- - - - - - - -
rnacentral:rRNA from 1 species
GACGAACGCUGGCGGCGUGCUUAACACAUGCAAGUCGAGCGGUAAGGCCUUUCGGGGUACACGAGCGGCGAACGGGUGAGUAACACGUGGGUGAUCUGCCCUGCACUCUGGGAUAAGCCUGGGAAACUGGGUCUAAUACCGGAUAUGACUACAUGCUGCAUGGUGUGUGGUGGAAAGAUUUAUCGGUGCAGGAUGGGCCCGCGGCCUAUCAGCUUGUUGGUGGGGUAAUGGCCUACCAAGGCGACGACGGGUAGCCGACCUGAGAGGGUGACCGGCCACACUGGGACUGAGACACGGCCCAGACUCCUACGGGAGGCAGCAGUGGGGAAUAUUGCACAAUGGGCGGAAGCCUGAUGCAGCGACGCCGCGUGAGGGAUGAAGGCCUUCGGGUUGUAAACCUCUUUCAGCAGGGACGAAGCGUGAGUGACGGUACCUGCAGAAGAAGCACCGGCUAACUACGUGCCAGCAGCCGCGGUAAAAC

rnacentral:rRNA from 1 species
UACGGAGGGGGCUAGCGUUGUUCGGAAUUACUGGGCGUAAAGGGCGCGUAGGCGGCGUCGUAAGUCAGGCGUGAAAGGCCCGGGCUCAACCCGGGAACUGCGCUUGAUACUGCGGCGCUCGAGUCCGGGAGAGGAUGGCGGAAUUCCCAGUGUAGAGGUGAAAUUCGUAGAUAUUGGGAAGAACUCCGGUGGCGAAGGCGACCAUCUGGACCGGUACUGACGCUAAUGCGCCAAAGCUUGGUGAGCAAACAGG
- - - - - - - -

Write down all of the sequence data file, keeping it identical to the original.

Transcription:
rnacentral:rRNA from 1 species
GACGAACGCUGGCGGCGUGCUUAACACAUGCAAGUCGAGCGGUAAGGCCUUUCGGGGUACACGAGCGGCGAACGGGUGAGUAACACGUGGGUGAUCUGCCCUGCACUCUGGGAUAAGCCUGGGAAACUGGGUCUAAUACCGGAUAUGACUACAUGCUGCAUGGUGUGUGGUGGAAAGAUUUAUCGGUGCAGGAUGGGCCCGCGGCCUAUCAGCUUGUUGGUGGGGUAAUGGCCUACCAAGGCGACGACGGGUAGCCGACCUGAGAGGGUGACCGGCCACACUGGGACUGAGACACGGCCCAGACUCCUACGGGAGGCAGCAGUGGGGAAUAUUGCACAAUGGGCGGAAGCCUGAUGCAGCGACGCCGCGUGAGGGAUGAAGGCCUUCGGGUUGUAAACCUCUUUCAGCAGGGACGAAGCGUGAGUGACGGUACCUGCAGAAGAAGCACCGGCUAACUACGUGCCAGCAGCCGCGGUAAAAC

rnacentral:rRNA from 1 species
UACGGAGGGGGCUAGCGUUGUUCGGAAUUACUGGGCGUAAAGGGCGCGUAGGCGGCGUCGUAAGUCAGGCGUGAAAGGCCCGGGCUCAACCCGGGAACUGCGCUUGAUACUGCGGCGCUCGAGUCCGGGAGAGGAUGGCGGAAUUCCCAGUGUAGAGGUGAAAUUCGUAGAUAUUGGGAAGAACUCCGGUGGCGAAGGCGACCAUCUGGACCGGUACUGACGCUAAUGCGCCAAAGCUUGGUGAGCAAACAGG